Fortunately, the two main characters this time around are incredibly versatile, as they alone can swap classes to use different weapons and abilities. If you've played any of the class-focused Dragon Quest games then you know how this works — level up a class, swap to another, level that one up, earn access to a new class and continue forevermore. It can turn the game into a bit of a grind, but it also gives you access to playstyles that you can't get from the rest of the cast. You can even turn your character into the combat staff wielding King from the first game, if you were as big a fan of his style as myself.
Thou Art a Fool!
If you didn't play the first Dragon Quest Heroes, then no worries, because the two are not connected in any way. Even the classic DQ characters that return from the first game make no mention of it. DQH2 is a standalone story about two cousins who live in a world that has known peace for a thousand years, but now someone is roaming around the world brewing trouble, convincing kingdoms to go to war. It's your job to solve this mystery and protect the peace. It's not a terribly intricate story, but it does feel at home in a Dragon Quest setting, and is largely enjoyable despite how nonsense it becomes towards the end.
To round things off there's an online element to the game, wherein you can venture into special dungeons with others in cooperative play or ask for help online for story battles from those who have already beaten the mission. The wild zones that you're allowed to roam around in also gain special bonuses depending on the day of the week, such as having more metal monsters spawn on Wednesdays to aid your grinding efforts.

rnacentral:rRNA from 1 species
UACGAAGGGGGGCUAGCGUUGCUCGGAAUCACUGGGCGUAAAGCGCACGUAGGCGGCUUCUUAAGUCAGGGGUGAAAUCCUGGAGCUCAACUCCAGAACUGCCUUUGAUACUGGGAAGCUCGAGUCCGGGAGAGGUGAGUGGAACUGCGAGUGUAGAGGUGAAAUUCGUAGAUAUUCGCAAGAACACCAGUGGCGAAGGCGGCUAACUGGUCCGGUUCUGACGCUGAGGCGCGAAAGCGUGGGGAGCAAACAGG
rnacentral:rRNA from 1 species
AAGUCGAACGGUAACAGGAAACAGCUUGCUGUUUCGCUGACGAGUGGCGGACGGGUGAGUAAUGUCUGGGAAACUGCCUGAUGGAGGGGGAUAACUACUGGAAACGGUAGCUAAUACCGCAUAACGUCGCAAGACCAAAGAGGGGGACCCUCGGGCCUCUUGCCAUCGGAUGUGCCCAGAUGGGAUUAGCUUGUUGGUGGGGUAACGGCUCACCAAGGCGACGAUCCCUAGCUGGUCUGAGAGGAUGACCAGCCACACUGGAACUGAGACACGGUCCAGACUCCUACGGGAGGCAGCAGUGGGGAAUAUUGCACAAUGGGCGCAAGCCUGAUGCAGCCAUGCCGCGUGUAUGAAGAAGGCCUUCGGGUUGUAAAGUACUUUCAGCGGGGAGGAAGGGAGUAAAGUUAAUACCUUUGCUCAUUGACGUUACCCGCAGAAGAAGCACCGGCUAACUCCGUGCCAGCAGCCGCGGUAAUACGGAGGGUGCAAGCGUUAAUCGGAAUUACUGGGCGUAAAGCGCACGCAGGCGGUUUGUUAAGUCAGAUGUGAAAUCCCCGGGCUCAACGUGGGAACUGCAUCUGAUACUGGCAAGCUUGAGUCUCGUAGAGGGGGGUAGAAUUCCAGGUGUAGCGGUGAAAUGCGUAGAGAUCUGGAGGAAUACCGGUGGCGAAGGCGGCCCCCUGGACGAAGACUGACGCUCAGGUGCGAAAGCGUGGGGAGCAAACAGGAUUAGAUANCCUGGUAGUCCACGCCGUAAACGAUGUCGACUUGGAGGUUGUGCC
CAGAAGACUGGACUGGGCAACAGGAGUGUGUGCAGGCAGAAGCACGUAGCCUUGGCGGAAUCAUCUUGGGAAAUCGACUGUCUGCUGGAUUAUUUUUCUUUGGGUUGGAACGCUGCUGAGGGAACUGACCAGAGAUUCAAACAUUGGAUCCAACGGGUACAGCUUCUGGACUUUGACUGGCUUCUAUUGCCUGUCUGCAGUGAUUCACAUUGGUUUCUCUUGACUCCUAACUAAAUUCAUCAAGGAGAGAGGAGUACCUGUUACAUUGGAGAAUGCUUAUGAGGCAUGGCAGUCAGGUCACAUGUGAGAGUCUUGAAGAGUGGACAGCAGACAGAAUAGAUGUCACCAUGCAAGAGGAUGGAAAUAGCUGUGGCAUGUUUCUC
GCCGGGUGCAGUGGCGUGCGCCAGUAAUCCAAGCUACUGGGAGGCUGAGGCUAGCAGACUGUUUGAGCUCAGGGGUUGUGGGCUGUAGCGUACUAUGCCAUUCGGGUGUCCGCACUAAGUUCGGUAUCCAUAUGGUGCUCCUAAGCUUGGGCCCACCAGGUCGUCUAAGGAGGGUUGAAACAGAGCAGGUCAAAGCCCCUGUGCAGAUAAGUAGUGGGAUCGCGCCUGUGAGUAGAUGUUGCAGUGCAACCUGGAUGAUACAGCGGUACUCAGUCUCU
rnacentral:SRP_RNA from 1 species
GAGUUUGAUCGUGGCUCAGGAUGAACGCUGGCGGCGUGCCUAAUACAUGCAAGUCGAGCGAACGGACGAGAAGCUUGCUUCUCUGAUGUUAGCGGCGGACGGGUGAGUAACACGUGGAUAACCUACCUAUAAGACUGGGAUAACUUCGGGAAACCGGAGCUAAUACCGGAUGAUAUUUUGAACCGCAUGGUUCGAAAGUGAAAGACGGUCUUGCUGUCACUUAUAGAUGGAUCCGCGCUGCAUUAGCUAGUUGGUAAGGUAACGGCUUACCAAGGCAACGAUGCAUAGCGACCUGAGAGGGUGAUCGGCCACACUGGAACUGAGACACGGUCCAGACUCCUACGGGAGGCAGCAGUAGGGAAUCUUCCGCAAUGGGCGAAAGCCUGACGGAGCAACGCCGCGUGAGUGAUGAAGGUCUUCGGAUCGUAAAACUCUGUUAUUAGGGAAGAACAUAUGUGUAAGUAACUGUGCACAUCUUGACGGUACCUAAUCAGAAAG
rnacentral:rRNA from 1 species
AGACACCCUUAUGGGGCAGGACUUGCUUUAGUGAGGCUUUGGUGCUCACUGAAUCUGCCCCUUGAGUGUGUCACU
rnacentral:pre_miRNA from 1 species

What stands out to me is how all of the new elements and tweaked versions of older elements combine together to create something that, in many ways, feels less like a Warriors game and more like a proper Action-RPG. It's almost as if the team had ambitions of moving in that direction, but felt unsure about pulling too far from its roots. Who knows if we'll ever see a third game that will go all-in on that approach, but what we've been given here is a decidedly fun, if flawed, Dragon Quest adventure.
This review is based on a PlayStation 4 digital code provided by the publisher. Dragon Quest Heroes 2 is available now digitally for PC as well as both digitally and physically for PS4. The game is rated T.